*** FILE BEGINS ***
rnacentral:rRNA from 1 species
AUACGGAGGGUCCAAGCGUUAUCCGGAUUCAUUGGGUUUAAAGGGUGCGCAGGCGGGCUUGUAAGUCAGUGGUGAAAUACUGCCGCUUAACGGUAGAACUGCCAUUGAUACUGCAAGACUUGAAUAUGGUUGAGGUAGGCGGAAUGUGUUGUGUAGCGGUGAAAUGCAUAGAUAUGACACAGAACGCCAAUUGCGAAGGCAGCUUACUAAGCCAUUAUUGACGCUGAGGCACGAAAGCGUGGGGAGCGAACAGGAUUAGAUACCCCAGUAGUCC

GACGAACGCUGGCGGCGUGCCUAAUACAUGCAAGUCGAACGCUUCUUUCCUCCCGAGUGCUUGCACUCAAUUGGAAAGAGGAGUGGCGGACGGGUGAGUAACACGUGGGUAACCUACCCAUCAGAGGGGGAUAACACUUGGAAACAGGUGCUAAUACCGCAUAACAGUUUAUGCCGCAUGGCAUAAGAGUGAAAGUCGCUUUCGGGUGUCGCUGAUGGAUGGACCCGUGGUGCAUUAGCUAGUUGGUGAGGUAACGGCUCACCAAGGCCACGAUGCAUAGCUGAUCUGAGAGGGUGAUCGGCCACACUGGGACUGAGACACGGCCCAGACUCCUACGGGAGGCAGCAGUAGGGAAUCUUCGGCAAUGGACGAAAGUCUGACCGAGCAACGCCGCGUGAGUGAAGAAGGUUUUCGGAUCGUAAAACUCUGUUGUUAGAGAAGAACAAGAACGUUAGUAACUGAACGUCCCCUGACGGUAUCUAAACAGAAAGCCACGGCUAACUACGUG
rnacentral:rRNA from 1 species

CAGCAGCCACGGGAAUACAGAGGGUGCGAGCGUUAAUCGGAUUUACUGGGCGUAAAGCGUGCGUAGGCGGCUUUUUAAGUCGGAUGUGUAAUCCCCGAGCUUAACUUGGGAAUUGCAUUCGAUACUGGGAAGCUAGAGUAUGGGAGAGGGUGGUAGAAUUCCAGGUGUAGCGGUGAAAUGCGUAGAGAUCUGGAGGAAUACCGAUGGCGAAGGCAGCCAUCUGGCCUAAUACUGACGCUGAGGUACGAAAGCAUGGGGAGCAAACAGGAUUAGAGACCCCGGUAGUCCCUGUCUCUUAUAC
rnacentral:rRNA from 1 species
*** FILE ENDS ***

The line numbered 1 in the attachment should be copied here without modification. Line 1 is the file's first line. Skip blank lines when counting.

rnacentral:rRNA from 1 species